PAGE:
Right now I’m slowly working on my intellectual history. It’s a daunting task. And I’m approaching it in a mostly undisciplined way. This morning, on the last day of 2012, I decided to look through my old notes to find evidence of my first encounter with the theorist, philosopher, troublemaking role model, Judith Butler. In my video introduction to this Trouble blog, I claimed that this first encounter occurred in the fall of 1996, my first year in graduate school. But this morning I discovered that I actually encountered Butler and Gender Trouble in February of 1997, in my Contemporary Feminist Theory course at Claremont Graduate School. According to the syllabus, I first started reading Gender Trouble on February 11th:
But, even though this line gave me pause, it wasn’t what really moved me about her preface or the chapter on that day in 1997. I was interested more in Butler’s challenge to the subject/identity “woman” and her critique of feminist identity politics. And, having recently been exposed to deconstruction and postmodern critiques of the self, I liked her idea of politics as parody, her rethinking of agency through Nietzsche and her discussions of Luce Irigaray. I wanted to add in some links to a few of my papers from that year, but I’ll have to keep looking for them. Hopefully I have them in a filing cabinet somewhere.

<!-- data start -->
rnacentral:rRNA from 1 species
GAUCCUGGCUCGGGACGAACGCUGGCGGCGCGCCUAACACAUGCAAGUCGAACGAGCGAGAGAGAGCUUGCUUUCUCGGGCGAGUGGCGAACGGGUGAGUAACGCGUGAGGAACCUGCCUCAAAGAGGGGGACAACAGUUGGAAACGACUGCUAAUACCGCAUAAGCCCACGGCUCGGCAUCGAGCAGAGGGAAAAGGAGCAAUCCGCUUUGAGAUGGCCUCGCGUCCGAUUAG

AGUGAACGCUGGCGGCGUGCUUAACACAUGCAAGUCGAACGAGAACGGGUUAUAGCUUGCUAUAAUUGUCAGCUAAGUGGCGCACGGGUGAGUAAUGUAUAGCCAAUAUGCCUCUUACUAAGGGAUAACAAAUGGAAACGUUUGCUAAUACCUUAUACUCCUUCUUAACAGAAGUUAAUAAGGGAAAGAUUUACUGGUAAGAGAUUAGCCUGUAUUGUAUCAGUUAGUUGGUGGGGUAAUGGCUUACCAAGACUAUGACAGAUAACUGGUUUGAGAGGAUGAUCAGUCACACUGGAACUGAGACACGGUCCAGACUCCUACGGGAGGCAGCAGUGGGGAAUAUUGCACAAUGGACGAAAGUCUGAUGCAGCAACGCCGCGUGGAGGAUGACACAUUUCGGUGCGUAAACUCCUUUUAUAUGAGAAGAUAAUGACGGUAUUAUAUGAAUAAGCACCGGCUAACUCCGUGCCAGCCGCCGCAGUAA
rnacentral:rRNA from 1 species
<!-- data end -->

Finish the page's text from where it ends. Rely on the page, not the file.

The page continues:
Side note: In the process of looking for my papers, I found a syllabus for one of the other classes that I was taking that spring of 1997: Feminist and Womanist Theory with K. Baker-Fletcher and Karen Torjesen. We were engaging with Black Feminist Criticism the same week I discovered Butler:
The recommended reading is Barbara Christian. I don’t think I actually read her Black Feminist Criticism until Emory University in 2002 or 2003. I wonder if reading her Race for Theory and its powerful critique of the limits of theory, would have influenced my initial readings of Butler? It definitely helped to shape my doctoral exams and dissertation writing in 2003-2006.